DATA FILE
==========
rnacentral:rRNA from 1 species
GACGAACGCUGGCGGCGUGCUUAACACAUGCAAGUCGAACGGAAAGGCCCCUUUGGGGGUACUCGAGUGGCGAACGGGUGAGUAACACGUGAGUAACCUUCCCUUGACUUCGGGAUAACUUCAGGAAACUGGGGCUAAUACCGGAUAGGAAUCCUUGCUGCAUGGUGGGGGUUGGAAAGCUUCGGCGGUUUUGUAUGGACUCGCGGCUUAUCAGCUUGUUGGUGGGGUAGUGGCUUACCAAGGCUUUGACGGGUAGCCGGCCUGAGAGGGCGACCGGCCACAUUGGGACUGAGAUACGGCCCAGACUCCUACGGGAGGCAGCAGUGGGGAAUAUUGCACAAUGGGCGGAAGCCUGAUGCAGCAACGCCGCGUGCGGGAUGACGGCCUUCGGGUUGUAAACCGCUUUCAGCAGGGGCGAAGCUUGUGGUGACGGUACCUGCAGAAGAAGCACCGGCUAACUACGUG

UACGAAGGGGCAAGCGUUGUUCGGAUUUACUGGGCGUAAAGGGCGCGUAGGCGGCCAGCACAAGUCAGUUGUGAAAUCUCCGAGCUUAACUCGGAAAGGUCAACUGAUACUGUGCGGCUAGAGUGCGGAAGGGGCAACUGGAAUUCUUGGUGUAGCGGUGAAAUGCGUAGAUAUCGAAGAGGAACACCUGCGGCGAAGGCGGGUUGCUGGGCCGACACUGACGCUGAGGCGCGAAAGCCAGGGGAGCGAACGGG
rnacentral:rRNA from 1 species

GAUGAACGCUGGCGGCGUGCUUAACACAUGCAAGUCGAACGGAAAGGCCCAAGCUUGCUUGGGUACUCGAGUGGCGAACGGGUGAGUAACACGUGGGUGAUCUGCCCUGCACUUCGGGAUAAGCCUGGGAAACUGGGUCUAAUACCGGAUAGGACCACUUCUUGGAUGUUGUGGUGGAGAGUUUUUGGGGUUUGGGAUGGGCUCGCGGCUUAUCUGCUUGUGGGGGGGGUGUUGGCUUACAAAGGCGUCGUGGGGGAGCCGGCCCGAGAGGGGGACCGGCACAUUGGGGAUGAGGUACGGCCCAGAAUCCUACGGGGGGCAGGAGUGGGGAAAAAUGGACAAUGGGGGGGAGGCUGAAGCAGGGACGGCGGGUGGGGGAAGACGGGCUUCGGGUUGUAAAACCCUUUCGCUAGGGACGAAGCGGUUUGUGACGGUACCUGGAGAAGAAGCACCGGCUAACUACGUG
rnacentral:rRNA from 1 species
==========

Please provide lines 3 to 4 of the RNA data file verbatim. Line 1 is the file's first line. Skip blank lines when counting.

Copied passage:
UACGAAGGGGCAAGCGUUGUUCGGAUUUACUGGGCGUAAAGGGCGCGUAGGCGGCCAGCACAAGUCAGUUGUGAAAUCUCCGAGCUUAACUCGGAAAGGUCAACUGAUACUGUGCGGCUAGAGUGCGGAAGGGGCAACUGGAAUUCUUGGUGUAGCGGUGAAAUGCGUAGAUAUCGAAGAGGAACACCUGCGGCGAAGGCGGGUUGCUGGGCCGACACUGACGCUGAGGCGCGAAAGCCAGGGGAGCGAACGGG
rnacentral:rRNA from 1 species